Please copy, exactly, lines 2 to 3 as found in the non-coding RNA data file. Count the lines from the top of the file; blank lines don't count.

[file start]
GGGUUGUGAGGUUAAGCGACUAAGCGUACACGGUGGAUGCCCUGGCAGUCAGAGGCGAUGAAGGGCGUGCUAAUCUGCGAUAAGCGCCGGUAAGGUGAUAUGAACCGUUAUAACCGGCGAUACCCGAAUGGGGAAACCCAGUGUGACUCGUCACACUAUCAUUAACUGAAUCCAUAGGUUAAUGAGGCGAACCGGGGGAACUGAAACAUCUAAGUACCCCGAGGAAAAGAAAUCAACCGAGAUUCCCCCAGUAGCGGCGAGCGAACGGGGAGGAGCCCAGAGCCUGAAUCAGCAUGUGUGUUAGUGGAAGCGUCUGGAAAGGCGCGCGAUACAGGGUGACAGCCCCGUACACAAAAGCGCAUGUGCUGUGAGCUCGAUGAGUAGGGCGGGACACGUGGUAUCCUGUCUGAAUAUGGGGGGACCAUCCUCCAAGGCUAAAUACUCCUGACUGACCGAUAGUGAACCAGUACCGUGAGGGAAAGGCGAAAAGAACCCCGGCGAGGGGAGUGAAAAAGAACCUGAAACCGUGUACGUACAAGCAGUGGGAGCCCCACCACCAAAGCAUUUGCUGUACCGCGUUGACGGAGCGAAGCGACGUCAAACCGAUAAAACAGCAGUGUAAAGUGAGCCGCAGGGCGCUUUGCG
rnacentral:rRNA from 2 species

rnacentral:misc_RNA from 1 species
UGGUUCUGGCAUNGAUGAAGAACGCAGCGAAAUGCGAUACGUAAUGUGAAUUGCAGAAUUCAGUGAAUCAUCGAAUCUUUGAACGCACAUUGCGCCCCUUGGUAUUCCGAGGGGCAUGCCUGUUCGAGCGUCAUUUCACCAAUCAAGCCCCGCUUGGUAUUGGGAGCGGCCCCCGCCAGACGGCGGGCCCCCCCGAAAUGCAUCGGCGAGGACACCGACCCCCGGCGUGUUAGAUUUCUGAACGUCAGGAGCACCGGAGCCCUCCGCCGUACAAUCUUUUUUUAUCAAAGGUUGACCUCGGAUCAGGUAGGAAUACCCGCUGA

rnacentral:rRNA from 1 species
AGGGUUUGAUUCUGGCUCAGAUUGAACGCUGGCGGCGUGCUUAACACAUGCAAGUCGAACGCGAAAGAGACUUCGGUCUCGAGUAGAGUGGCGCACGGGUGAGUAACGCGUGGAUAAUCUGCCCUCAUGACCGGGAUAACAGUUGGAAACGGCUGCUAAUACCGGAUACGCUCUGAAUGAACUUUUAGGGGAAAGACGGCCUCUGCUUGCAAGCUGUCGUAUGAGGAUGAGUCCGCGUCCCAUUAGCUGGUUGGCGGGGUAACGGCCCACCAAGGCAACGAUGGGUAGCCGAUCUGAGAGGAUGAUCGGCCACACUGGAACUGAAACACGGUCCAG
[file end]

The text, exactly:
rnacentral:rRNA from 2 species

rnacentral:misc_RNA from 1 species